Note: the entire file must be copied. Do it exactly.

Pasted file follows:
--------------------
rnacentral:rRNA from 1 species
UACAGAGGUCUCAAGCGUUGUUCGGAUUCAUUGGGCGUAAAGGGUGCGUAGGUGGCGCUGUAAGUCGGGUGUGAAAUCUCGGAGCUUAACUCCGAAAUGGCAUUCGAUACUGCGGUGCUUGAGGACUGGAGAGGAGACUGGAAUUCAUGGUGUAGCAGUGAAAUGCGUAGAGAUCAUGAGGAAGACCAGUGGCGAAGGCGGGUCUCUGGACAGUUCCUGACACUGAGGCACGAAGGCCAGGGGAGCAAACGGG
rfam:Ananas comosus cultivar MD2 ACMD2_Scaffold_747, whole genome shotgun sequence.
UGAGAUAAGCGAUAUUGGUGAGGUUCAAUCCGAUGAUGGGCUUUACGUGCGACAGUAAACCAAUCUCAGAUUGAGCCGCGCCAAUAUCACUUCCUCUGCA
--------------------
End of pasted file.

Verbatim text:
rnacentral:rRNA from 1 species
UACAGAGGUCUCAAGCGUUGUUCGGAUUCAUUGGGCGUAAAGGGUGCGUAGGUGGCGCUGUAAGUCGGGUGUGAAAUCUCGGAGCUUAACUCCGAAAUGGCAUUCGAUACUGCGGUGCUUGAGGACUGGAGAGGAGACUGGAAUUCAUGGUGUAGCAGUGAAAUGCGUAGAGAUCAUGAGGAAGACCAGUGGCGAAGGCGGGUCUCUGGACAGUUCCUGACACUGAGGCACGAAGGCCAGGGGAGCAAACGGG
rfam:Ananas comosus cultivar MD2 ACMD2_Scaffold_747, whole genome shotgun sequence.
UGAGAUAAGCGAUAUUGGUGAGGUUCAAUCCGAUGAUGGGCUUUACGUGCGACAGUAAACCAAUCUCAGAUUGAGCCGCGCCAAUAUCACUUCCUCUGCA